After the army announced the coup, a curfew has begun across Thailand. In one of several post-midnight announcements, the ousted Prime Minister Yingluck Shinawatra, her sister Mrs Yaowapa Wongsawat and also top political figures in the government were ordered to report to the military on Friday morning.
No one should trust the military. Latest report is that the military has demanded that 23 Shinawatras and close allies “report.”
From the Editors
Under martial law, the military is now authorized to censor the media as it sees fit. So far, the military has used this power to shut down the operation of at least fourteen news outlets. It has also warned all members of the press not to publish any material that could “incite unrest.”
We would like to clarify to our readers that these developments have not affected the impartiality of Khaosod English. We have not been forcibly censored or felt the need to exercise self-censorship at this time.
However, if circumstances arise that do require us to censor our material, we will notify our readers by posting a disclaimer at the beginning of any censored article. This way, our readers will not need to question the impartiality of our reporting.
But what now, under the coup regime?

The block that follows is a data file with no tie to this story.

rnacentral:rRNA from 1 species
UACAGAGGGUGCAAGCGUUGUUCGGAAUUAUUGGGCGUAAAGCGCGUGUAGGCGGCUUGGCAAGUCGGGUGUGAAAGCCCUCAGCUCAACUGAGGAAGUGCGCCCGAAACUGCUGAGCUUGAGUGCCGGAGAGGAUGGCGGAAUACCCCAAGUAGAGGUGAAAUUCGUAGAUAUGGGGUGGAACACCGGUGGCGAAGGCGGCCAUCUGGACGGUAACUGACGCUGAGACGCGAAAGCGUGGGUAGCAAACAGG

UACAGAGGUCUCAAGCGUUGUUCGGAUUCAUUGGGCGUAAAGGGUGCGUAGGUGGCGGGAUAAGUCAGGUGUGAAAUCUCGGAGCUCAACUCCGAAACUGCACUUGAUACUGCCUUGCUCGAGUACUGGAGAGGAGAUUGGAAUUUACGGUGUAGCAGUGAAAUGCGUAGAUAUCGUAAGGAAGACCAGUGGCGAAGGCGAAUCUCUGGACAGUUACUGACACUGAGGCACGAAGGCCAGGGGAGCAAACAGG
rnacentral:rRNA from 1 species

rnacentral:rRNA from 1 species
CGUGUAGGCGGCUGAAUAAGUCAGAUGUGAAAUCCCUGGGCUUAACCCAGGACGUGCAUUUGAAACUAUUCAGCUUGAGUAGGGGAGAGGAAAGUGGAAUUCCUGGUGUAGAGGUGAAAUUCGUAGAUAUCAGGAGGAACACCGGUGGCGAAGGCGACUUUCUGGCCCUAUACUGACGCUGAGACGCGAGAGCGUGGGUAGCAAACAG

Update: The New York Times on the coup:
The Thai military seized control of the country on Thursday and detained at least 25 leading politicians in a culmination of months of maneuvering by the Bangkok establishment to sideline a populist movement that has won every national election since 2001.
It was the second time in a decade that the army had overthrown an elected government, but there were signs that this takeover could be more severe and include sharp curbs on Thailand’s freewheeling media.
The coup was seen as a victory for the elites in Thailand who have grown disillusioned with popular democracy and have sought for years to diminish the electoral power of Thaksin Shinawatra, a former prime minister who commands support in the rural north. Unable to win elections, the opposition has instead called for an appointed prime minister, and pleaded with the military for months to step in.